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Publication numberUS7352970 B2
Publication typeGrant
Application numberUS 09/083,966
Publication dateApr 1, 2008
Filing dateMay 26, 1998
Priority dateNov 27, 1995
Fee statusPaid
Also published asCN1202994A, CN1242572C, CN1625085A, CN1625085B, EP0864210A1, EP1507345A2, EP1507345A3, US6650452, US20020076183, US20090087190, WO1997020403A1
Publication number083966, 09083966, US 7352970 B2, US 7352970B2, US-B2-7352970, US7352970 B2, US7352970B2
InventorsNicholas John Doran, Nicholas John Smith
Original AssigneeBtg International Limited
Export CitationBiBTeX, EndNote, RefMan
External Links: USPTO, USPTO Assignment, Espacenet
Dispersion management system for soliton optical transmission system
US 7352970 B2
Abstract
A dispersion management system for soliton or soliton-like transmission systems comprises a length of optical fiber (L) in which a plurality of sections (I) made up of components (N,A) of opposite sign dispersions are concatenated together. The duration of the dispersion compensation phase is short in comparison with the propagation interval in the remainder of the system and that the path average dispersion is anomalous.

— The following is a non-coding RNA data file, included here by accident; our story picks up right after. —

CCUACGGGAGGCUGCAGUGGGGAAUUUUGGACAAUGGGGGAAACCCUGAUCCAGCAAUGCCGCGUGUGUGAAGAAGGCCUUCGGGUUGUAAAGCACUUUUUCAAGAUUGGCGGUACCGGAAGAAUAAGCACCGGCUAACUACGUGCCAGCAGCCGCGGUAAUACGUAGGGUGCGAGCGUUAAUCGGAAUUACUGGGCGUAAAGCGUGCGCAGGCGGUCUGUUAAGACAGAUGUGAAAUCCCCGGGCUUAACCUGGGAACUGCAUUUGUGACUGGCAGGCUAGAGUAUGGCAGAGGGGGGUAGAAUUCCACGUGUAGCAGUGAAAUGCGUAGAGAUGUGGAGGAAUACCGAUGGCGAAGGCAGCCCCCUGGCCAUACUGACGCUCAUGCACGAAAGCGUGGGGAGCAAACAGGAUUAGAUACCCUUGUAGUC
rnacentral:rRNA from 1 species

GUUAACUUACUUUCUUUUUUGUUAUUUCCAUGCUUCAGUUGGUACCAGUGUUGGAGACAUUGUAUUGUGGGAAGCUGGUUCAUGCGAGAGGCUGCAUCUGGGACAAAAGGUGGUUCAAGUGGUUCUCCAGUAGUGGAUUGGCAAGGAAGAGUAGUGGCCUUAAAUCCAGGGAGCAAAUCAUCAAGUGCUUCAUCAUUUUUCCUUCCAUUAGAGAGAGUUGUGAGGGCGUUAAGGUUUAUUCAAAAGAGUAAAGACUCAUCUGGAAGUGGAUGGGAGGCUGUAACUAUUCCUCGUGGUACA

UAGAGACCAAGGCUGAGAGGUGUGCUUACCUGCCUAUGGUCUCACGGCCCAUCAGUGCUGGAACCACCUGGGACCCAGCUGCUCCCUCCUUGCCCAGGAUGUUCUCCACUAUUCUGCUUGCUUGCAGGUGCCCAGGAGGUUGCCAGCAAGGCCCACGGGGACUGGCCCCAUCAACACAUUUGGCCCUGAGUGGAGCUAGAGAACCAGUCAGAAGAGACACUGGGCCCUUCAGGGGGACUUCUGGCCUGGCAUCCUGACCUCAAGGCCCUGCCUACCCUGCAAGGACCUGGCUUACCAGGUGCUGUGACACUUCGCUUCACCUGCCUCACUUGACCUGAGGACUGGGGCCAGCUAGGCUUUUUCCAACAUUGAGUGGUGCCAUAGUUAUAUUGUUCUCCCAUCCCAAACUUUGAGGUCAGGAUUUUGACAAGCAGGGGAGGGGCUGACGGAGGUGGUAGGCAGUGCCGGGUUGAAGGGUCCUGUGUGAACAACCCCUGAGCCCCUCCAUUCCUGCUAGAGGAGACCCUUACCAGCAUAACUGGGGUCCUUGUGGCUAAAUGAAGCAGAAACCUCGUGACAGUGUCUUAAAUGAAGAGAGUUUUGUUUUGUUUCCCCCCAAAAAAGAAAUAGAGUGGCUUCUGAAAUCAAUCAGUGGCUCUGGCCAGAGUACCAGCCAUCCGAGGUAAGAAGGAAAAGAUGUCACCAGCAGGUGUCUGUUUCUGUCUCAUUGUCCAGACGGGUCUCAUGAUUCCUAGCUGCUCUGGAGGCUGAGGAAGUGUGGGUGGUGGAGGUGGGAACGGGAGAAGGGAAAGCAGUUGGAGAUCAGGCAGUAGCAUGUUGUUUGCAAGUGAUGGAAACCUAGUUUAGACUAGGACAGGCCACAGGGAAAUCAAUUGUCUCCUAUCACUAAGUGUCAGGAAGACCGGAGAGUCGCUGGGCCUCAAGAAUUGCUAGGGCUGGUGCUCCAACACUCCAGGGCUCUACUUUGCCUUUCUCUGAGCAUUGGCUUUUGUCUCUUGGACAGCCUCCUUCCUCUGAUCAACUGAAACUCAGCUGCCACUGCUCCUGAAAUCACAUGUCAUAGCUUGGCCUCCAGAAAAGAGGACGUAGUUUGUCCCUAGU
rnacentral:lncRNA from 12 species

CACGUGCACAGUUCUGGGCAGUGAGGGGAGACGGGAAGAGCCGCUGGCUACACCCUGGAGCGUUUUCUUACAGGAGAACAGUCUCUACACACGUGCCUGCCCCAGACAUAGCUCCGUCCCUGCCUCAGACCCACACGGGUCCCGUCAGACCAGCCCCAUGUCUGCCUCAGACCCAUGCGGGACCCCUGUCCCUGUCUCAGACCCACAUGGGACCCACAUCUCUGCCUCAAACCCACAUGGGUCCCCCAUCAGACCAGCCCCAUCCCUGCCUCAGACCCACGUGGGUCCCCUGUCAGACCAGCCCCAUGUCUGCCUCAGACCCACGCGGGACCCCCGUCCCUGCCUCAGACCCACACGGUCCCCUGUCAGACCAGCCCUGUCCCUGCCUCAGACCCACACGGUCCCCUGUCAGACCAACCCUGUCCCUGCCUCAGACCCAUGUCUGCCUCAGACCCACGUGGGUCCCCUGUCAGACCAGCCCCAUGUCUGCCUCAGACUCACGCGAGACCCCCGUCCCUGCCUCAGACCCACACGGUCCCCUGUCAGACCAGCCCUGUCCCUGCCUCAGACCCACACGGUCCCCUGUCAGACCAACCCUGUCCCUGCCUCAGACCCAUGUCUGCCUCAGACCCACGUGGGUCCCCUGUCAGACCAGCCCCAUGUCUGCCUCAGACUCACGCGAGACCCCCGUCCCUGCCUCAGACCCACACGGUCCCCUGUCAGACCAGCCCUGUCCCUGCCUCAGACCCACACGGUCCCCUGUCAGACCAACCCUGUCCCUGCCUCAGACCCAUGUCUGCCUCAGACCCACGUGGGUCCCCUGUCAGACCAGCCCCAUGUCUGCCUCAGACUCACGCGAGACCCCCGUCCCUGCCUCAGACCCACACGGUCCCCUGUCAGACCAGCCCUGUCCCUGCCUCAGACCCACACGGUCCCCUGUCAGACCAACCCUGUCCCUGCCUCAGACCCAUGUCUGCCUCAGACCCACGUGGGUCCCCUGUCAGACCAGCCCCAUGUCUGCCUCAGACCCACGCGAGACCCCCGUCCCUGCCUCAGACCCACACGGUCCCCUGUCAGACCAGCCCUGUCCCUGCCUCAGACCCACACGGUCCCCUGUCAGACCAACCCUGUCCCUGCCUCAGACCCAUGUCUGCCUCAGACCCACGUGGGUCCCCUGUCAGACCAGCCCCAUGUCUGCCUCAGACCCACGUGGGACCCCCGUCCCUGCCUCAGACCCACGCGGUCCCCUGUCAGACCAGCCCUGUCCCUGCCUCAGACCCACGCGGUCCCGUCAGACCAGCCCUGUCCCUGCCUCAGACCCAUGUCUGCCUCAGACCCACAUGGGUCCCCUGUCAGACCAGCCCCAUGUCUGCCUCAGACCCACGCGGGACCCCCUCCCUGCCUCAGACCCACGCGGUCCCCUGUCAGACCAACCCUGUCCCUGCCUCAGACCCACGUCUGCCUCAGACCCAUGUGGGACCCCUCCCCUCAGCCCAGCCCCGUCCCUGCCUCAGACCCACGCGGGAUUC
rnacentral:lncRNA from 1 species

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Claims(14)
1. An optical communication system for transmitting a soliton or substantially soliton pulse, comprising
a plurality of dispersion elements, each dispersion element from the plurality of dispersion elements including at least a fiber length and a discrete dispersion compensator, the fiber length and discrete compensator having different dispersions, wherein the path average dispersion of the plurality of dispersion elements is anomalous.
2. The optical communication system of claim 1, wherein the discrete dispersion compensator is fabricated from a highly dispersive material.
3. The optical communication system of claim 1, wherein at least one of the discrete dispersion compensators is fabricated from a highly dispersive material.
4. The optical communication system of claim 1, wherein the soliton or substantially soliton pulse has a time-bandwidth product greater than the time-bandwidth product of a Gaussian-shaped pulse.
5. The optical communication system of claim 1, wherein the soliton or substantially soliton pulse has a time-bandwidth product greater than the time-bandwidth product of a Gaussian-shaped pulse.